On paper, this is all very promising. But I don't think it will all go accordingly to Trump's plan. I expect the repatriated cash will benefit investors rather than job creation. Instead, the cash will be returned to shareholders through dividends and share buybacks. This is how U.S. companies reacted in the past, why not expect more of the same again?

The U.S. last introduced a one-time tax holiday under the Homeland Investment Act in 2004. About 843 U.S. corporations returned more than $300 billion at a reduced rate of 5.25% (nearly half of what Trump's proposing). The legislation didn't allow companies to use the cash to buy back shares, but they still did anyway. Over 90% of the repatriated cash was used for buybacks, dividends, and executive compensation. It didn't serve to create U.S. jobs or build new factories as planned.

Cisco's CEO Chuck Robbins was asked how he would spend the repatriated cash in an interview with Bloomberg. He said: "We do have various scenarios in terms of what we'd do but you can assume we'll focus on the obvious ones - buybacks, dividends, and M&A activities."

It seems like wishful thinking to believe U.S. companies won't spend majority of their foreign cash on buybacks and dividends. Trump's Black Friday-like tax holiday for American corporations sounds like a good idea, but it's really a big gamble on infrastructure and job growth.

It's also a big gamble if you're merely buying specific stocks that could benefit from Trump's future policy changes. In this case, you're not investing, but dangerously speculating, and ignoring the underlying fundamentals of a business which drive stock performance. You don't know if his plans will come to fruition (e.g. repeal of Dodd-Frank). Chasing what's hot in the market without doing your own homework is risky investment behavior and you're setting yourself up to lose money.

If U.S. multinationals do repatriate cash, the U.S. will see an influx of capital flows, and that should benefit the U.S. dollar (clear negative for consumer staples like Colgate-Palmolive (NYSE:CL) and Procter & Gamble (NYSE:PG)). The U.S. is seeing economic growth return, with Q3 GDP expanding to 3.2% (versus 1.4% in Q2), and this is fueling the strength of the U.S. dollar against foreign currencies. Growth is favoring the U.S. Fed futures market, now pricing a 100% probability of a rate hike on December 14.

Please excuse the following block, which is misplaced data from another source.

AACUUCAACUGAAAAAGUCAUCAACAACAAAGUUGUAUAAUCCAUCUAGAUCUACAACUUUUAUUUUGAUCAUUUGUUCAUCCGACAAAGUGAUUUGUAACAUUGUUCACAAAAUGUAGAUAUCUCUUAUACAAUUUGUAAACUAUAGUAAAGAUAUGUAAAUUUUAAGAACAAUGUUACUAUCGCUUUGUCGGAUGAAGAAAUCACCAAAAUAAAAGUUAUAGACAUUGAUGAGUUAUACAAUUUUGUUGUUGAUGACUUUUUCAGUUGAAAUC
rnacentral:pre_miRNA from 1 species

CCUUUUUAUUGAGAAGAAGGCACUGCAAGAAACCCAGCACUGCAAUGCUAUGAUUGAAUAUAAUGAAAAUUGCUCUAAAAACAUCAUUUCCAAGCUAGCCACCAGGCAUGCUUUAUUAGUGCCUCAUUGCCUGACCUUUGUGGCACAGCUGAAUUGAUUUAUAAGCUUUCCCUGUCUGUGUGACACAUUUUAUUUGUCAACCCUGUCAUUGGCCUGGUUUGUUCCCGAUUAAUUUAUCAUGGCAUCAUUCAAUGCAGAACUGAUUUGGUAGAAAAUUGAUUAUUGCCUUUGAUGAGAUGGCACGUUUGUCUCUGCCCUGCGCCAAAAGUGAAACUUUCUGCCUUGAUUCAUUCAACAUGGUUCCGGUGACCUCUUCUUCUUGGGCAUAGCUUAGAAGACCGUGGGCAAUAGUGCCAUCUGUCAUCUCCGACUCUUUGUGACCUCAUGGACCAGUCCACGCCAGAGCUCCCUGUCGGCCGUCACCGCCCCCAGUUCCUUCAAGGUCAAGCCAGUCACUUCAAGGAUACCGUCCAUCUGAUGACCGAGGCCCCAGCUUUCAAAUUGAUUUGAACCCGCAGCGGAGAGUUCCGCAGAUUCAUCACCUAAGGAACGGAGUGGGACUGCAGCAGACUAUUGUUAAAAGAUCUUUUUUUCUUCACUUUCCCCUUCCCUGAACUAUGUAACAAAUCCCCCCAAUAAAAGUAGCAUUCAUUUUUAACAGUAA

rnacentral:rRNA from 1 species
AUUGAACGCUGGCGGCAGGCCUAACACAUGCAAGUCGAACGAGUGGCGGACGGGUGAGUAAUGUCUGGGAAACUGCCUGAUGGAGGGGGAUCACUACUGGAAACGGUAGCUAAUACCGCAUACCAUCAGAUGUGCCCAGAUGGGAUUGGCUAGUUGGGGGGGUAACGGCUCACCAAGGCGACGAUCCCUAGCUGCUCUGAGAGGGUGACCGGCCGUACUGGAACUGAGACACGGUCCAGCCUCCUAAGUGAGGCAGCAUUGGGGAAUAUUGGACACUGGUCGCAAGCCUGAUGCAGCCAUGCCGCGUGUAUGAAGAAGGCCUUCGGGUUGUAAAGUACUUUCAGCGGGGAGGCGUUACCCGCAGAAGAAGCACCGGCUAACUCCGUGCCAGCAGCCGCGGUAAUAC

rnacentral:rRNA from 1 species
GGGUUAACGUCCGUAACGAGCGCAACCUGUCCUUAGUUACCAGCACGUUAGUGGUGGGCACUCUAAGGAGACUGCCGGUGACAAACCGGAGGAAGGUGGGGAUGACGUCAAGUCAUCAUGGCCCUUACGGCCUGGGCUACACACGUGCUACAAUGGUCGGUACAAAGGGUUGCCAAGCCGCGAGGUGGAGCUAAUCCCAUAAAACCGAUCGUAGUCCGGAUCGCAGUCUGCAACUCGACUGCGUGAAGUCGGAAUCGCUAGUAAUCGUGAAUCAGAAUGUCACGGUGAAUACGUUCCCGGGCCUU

The U.S. Fed has held the fed funds rate target range at 0.25% to 0.50% since December 2015. The financial sector, which was the worst performing sector at the start of the year, has rallied hard the past few weeks becoming the best performing sector over the last 12 months. Higher interest rates increase net interest margins and profits for banks, like JP Morgan (NYSE:JPM), Goldman Sachs (NYSE:GS), Bank of America (NYSE:BAC), and Morgan Stanley (NYSE:MS).

If you're buying these banks solely because of the expectation of the Fed bumping up interest rates or the repeal of Dodd-Frank, you're not investing, but speculating. There's substantial downside risk for many of the stocks that have moved higher because of possible Trump policies, and even the Fed's expected rate hike in two weeks. Instead, focus your energy on due diligence. Investigate your investments before making an informed investment decision.

Avoid the herd mentality. Chasing stocks is for chumps.

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Disclosure: I/we have no positions in any stocks mentioned, and no plans to initiate any positions within the next 72 hours.

I wrote this article myself, and it expresses my own opinions. I am not receiving compensation for it (other than from Seeking Alpha). I have no business relationship with any company whose stock is mentioned in this article.